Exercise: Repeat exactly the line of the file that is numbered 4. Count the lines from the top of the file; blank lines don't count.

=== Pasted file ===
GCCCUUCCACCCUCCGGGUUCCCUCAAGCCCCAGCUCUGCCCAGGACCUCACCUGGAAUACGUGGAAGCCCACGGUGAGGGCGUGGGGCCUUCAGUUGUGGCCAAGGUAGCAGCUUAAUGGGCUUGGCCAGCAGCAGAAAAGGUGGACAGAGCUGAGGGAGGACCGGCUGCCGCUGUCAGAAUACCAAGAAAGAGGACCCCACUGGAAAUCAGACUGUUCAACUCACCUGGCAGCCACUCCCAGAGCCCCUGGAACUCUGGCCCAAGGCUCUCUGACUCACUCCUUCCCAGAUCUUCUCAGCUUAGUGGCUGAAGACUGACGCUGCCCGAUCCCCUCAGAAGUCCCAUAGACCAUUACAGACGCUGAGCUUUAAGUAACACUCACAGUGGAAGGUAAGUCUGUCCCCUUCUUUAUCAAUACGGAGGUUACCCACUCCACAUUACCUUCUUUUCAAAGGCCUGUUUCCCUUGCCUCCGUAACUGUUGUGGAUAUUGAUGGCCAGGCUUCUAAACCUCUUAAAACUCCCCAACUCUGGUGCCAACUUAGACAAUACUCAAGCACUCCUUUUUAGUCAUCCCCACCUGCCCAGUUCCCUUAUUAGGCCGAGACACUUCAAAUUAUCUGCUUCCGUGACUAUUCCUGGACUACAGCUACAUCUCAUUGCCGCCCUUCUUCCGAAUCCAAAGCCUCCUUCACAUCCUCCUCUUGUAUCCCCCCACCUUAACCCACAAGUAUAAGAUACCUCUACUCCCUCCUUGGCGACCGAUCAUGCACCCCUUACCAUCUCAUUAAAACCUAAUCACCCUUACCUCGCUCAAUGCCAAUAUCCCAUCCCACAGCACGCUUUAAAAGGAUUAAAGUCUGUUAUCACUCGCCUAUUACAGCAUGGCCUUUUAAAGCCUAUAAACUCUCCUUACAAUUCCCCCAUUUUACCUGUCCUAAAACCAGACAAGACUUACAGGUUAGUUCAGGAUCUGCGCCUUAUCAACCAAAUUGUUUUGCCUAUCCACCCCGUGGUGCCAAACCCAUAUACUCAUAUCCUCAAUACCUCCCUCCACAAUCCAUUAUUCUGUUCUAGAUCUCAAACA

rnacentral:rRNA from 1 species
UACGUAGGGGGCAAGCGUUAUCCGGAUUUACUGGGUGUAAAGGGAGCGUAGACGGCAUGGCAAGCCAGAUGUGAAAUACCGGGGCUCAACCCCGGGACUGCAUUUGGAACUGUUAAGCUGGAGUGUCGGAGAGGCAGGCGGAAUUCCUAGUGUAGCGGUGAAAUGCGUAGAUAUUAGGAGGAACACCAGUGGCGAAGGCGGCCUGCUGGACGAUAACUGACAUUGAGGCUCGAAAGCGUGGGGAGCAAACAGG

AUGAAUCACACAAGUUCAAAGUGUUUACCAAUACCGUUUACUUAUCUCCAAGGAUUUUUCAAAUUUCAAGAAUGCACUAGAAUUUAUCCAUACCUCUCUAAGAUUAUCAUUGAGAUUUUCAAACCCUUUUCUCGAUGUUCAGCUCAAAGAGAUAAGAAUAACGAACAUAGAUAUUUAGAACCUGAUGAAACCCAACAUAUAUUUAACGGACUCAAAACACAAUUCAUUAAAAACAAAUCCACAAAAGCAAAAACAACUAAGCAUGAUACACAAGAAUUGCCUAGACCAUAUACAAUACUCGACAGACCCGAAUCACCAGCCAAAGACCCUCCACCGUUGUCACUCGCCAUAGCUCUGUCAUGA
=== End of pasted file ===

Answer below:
AUGAAUCACACAAGUUCAAAGUGUUUACCAAUACCGUUUACUUAUCUCCAAGGAUUUUUCAAAUUUCAAGAAUGCACUAGAAUUUAUCCAUACCUCUCUAAGAUUAUCAUUGAGAUUUUCAAACCCUUUUCUCGAUGUUCAGCUCAAAGAGAUAAGAAUAACGAACAUAGAUAUUUAGAACCUGAUGAAACCCAACAUAUAUUUAACGGACUCAAAACACAAUUCAUUAAAAACAAAUCCACAAAAGCAAAAACAACUAAGCAUGAUACACAAGAAUUGCCUAGACCAUAUACAAUACUCGACAGACCCGAAUCACCAGCCAAAGACCCUCCACCGUUGUCACUCGCCAUAGCUCUGUCAUGA